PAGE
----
Switzerland-based trading firm Glencore and Japanese utility Tohoku Electric Power are moving ahead with their October-starting thermal coal supply negotiations, but their price expectations remain relatively far apart, market participants said.
The parties began discussions recently over what is expected to be a tough set of negotiations for annual term supplies of high-calorific value (CV) GAR 6,322 kcal/kg Australian coal from October 2019 to end-September 2020. Glencore is thought to have tabled an initial offer at $80/t before lowering its price idea to the $72-75/t range, market participants said.
The lead negotiator for the Japanese utilities, Tohoku, has signalled that it wants to settle at a price well below $70/t, but has kept its exact price idea under wraps, several market sources said.
The new agreement will set the reference price for term supplies starting from October and will be watched closely by other Australian producers and Japanese utilities, some of which may conduct their own negotiations with an eye on the Glencore-Tohoku outcome.
But this time round, Australian producers are facing stiffer competition in Asia from increasing Russian availability of high-CV coal, partly because of expanding exports from Russia's far east ports and a steep fall in European demand in 2019. Coal prices have also been weakened across the board this year by a recovery in nuclear output in northeast Asia, uncertainty about China's seaborne demand requirement for the rest of this year and lower gas prices.
The last round of Glencore-Tohoku negotiations for October-starting term supplies was settled relatively quickly at a fixed price of $109.77/t for the premium GAR 6,322 kcal/kg Australian coal, which was the highest-priced term contract between the companies since July 2013.
The talks were also concluded relatively quickly for this year's April-starting negotiations, which were settled at a fixed price of $94.75/t fob Newcastle.
But prices have fallen significantly since then amid a global oversupply of high-CV coal and generally lacklustre demand from well-stocked Japanese buyers. Nuclear generation has recovered to some degree in Japan, displacing thermal coal demand, and several utilities have also been shut for maintenance or repairs in recent months.
Argus assessed the NAR 6,000 kcal/kg price last week at $63.19/t fob Newcastle, which was up by $2.35/t on the week.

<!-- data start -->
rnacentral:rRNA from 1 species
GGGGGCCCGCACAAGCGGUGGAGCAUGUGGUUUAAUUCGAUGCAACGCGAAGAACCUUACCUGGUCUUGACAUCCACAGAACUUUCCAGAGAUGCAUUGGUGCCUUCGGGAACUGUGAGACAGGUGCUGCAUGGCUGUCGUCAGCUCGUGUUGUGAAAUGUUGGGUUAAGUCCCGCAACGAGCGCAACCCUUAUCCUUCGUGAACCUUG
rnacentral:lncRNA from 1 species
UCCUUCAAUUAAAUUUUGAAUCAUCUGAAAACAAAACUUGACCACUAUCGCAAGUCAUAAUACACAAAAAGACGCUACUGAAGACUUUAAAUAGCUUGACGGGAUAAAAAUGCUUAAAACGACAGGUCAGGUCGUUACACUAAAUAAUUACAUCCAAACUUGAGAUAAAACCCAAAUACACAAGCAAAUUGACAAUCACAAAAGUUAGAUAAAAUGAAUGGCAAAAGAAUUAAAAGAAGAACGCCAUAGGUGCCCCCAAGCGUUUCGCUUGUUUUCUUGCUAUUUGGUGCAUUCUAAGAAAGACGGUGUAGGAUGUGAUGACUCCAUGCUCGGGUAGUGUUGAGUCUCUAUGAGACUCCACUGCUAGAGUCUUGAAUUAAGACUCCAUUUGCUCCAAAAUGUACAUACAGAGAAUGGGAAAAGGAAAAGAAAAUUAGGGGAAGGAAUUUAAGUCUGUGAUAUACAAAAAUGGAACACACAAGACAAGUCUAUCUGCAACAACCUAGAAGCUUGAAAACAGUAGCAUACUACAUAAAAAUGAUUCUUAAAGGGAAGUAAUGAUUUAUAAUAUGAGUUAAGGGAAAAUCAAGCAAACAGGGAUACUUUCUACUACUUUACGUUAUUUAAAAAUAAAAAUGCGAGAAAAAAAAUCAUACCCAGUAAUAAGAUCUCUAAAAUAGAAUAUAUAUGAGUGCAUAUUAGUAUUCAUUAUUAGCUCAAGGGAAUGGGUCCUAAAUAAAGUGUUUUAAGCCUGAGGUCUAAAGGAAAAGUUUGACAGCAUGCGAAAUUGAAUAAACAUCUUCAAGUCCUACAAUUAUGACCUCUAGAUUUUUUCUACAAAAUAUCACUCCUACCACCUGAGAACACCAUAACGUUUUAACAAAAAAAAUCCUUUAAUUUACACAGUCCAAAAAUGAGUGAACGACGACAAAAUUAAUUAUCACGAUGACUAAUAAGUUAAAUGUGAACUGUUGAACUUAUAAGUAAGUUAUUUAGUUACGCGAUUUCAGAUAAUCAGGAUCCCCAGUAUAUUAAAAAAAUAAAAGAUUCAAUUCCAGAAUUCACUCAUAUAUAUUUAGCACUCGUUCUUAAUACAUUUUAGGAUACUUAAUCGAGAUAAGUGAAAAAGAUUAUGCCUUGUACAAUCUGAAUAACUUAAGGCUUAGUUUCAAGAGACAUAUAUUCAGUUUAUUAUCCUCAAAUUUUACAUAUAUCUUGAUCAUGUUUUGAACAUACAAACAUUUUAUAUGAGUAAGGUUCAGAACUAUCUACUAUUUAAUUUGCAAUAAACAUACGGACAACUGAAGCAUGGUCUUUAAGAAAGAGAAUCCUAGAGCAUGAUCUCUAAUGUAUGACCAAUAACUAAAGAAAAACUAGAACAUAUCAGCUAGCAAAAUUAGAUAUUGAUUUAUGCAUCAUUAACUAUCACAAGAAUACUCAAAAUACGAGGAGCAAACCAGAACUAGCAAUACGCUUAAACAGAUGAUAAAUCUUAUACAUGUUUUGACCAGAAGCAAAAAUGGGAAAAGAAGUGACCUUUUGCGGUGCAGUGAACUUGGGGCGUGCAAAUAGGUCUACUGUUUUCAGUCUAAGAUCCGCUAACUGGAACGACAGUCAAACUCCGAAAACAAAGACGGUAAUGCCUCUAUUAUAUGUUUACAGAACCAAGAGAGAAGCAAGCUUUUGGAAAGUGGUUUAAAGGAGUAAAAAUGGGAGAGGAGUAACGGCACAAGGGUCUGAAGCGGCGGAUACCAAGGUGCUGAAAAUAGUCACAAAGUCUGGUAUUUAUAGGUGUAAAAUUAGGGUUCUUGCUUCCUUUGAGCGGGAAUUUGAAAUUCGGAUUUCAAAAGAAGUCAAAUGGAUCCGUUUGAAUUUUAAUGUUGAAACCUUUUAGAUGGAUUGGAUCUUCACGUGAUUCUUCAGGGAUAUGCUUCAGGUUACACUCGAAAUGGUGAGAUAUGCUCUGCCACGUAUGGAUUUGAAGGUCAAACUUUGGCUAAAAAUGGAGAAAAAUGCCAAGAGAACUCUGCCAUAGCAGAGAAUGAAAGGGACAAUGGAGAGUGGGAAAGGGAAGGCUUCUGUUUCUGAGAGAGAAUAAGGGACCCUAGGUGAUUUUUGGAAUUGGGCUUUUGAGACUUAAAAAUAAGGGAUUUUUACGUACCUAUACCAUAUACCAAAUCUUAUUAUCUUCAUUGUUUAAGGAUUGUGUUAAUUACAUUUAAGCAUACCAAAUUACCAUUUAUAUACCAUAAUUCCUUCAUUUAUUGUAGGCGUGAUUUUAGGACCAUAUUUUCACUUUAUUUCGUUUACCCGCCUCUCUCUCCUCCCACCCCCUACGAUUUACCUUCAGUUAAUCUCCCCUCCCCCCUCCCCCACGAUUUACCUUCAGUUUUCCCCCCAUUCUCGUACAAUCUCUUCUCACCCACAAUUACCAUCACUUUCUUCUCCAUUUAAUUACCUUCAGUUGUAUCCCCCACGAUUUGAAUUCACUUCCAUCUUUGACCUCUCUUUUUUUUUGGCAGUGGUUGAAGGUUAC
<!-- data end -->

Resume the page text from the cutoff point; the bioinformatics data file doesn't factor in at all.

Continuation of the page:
Weaker demand led Japan's coal imports to fall to 53.93mn t in the first half of 2019, down from 55.15mn t during the same period of last year. But Japan's thermal generation likely started to recover in August and could be poised to strengthen further amid upcoming maintenance restrictions on nuclear reactors, Argus analysis suggests.
The negotiations for October-starting annual supplies from Glencore usually cover a smaller amount of coal than the other set of negotiations covering April-starting annual term supplies. But the parties do not usually comment on the negotiations, or disclose the volume of coal covered by the agreements.
The majority of Japanese buying of Glencore's Australian coal used to be done at a fixed, term price settled during annual negotiations. But since 2015 Japanese buyers have started to rely more on sales linked to price indexes, spot tenders or bilateral trade. Deregulation of the power sector in Japan has also started to encourage Japanese buyers to be more competitive and some have been experimenting with a wider range of coals from different origins.
Some market participants expect Japanese buying of high-CV, competitively priced Russian coal to increase over time, although Japanese buyers are also wary of being too exposed to Russia, traders said. Some Japanese buyers have experimented with Colombian high-CV coal successfully this year, but higher freight rates have often placed long-haul Colombian coal at a disadvantage to coal from Russia's eastern ports.
News Source: Argus Media